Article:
China’s domestically developed chat application WeChat has grown in popularity since its launch last year. Not only do Mainland Chinese love to use it, its use has also expanded to Taiwan, the United States and the United Kingdom.
However, according to the British Guardian, China’s well-known dissident Hu Jia recently said that he suspected China’s authorities monitored his whereabouts through WeChat, because every time he sent a message via WeChat, the state security units could accurately cite its contents.
The dialogues were fully monitored by state security units
WeChat was developed by China’s Tencent, Inc. Its properties are similar to the popular US WhatsApp application, but it has broader functions. WeChat not only has a short message service (SMS), it also has community media Twitter-, Facebook- and Skype-like functions, as well as currently offering services in eight languages.
WeChat’s popularity has surged since its launch last year. It is alleged that the number of people using WeChat now exceeds 200 million.
However, with the rapid growth of WeChat’s user numbers, dissidents and politicians have begun to worry that its voice message function might be allowing security personnel to monitor the users’ actions.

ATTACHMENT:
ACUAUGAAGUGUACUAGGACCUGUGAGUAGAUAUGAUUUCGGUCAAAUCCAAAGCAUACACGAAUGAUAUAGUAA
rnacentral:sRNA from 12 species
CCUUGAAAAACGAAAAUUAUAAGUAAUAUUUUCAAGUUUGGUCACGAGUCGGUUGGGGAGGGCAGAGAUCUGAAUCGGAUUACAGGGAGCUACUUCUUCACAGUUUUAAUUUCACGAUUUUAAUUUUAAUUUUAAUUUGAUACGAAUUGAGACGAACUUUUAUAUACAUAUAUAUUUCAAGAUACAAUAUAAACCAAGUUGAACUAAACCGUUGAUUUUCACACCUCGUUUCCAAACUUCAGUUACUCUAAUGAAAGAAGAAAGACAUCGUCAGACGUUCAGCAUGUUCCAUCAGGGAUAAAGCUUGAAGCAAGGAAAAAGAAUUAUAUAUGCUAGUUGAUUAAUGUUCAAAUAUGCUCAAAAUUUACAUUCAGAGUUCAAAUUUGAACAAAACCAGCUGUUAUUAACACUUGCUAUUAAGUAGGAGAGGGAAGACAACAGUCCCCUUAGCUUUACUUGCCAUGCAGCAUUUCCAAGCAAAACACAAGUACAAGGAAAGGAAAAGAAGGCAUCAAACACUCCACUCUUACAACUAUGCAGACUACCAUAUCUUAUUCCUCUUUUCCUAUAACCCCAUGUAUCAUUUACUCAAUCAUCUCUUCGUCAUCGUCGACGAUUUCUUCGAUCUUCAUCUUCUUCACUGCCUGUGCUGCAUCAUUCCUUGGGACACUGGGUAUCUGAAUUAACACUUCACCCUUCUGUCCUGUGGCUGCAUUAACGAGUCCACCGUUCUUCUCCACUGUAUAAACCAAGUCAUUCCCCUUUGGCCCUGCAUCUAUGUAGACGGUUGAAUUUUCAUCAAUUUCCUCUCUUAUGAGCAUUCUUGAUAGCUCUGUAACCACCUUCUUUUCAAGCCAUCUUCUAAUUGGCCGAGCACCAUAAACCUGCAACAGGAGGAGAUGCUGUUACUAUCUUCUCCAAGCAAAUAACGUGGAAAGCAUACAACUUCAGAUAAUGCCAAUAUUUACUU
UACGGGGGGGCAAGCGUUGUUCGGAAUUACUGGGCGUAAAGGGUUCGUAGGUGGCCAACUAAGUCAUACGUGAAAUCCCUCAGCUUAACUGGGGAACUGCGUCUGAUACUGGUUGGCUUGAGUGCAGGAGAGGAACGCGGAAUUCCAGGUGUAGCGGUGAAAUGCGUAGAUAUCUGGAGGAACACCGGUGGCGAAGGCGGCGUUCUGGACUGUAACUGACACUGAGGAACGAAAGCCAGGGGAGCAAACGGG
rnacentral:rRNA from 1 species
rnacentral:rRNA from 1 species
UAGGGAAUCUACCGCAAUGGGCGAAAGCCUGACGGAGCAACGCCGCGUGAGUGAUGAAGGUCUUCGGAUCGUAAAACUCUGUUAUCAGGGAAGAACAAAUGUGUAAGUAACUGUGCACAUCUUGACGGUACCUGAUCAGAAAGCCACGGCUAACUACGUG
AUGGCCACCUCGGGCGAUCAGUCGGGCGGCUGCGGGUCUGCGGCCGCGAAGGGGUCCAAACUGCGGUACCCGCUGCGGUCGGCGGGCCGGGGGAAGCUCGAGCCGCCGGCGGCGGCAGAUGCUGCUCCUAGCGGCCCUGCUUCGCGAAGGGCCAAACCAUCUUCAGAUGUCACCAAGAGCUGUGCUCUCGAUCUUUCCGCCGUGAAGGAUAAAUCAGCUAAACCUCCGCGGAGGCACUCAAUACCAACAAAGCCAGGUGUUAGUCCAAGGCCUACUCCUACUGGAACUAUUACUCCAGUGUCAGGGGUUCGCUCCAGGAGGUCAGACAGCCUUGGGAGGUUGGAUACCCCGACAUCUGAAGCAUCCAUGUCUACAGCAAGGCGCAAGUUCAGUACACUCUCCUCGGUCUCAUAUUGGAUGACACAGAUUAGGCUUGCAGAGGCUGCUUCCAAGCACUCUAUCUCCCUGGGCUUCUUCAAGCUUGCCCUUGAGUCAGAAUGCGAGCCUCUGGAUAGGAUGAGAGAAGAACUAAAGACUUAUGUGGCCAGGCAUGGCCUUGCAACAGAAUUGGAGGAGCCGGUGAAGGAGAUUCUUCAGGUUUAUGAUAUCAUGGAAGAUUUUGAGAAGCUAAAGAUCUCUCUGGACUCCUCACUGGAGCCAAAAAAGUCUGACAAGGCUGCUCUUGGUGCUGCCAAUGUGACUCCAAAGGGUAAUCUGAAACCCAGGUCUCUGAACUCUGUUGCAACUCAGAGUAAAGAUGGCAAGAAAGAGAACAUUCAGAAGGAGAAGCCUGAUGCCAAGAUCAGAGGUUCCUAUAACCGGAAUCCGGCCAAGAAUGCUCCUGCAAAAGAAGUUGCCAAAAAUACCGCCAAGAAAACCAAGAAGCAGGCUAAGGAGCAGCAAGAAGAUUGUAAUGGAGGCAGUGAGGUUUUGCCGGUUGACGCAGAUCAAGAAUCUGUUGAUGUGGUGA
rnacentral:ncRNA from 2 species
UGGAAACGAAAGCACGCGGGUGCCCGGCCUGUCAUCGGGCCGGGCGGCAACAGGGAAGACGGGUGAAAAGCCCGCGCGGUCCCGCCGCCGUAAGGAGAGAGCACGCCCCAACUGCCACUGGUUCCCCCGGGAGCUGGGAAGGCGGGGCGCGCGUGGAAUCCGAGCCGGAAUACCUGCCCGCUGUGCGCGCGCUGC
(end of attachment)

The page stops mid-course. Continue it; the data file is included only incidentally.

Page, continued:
When WeChat was launched in October in Taiwan, some even worried that some important information could be inadvertently exposed through private conversations using WeChat and the nation’s security could thus be threatened.
Hu Jia said that he suspected his voice messages sent to friends were monitored by state security (Bureau of Internal Security, Ministry of Public Security). “I took the risk of using a micro-channel because I thought it was relatively safe and a new product.
Because China Mobile and China Unicom telecom companies have monitored my phone for more than a decade, I now use WeChat, but state security could accurately repeat my words and voice information, which really shocked me. I’m sure that I only sent those words to my friends through WeChat.”
Tencent, Inc, which is the largest Internet company in China, had no comment on the Guardian report. But Tencent, Inc told the South China Morning Post in November: “During product development and daily operations, we have been serious about protecting users’ information. Nonetheless, just like our international peers, we obey the relevant laws of each country.”
Translated by Joseph Wu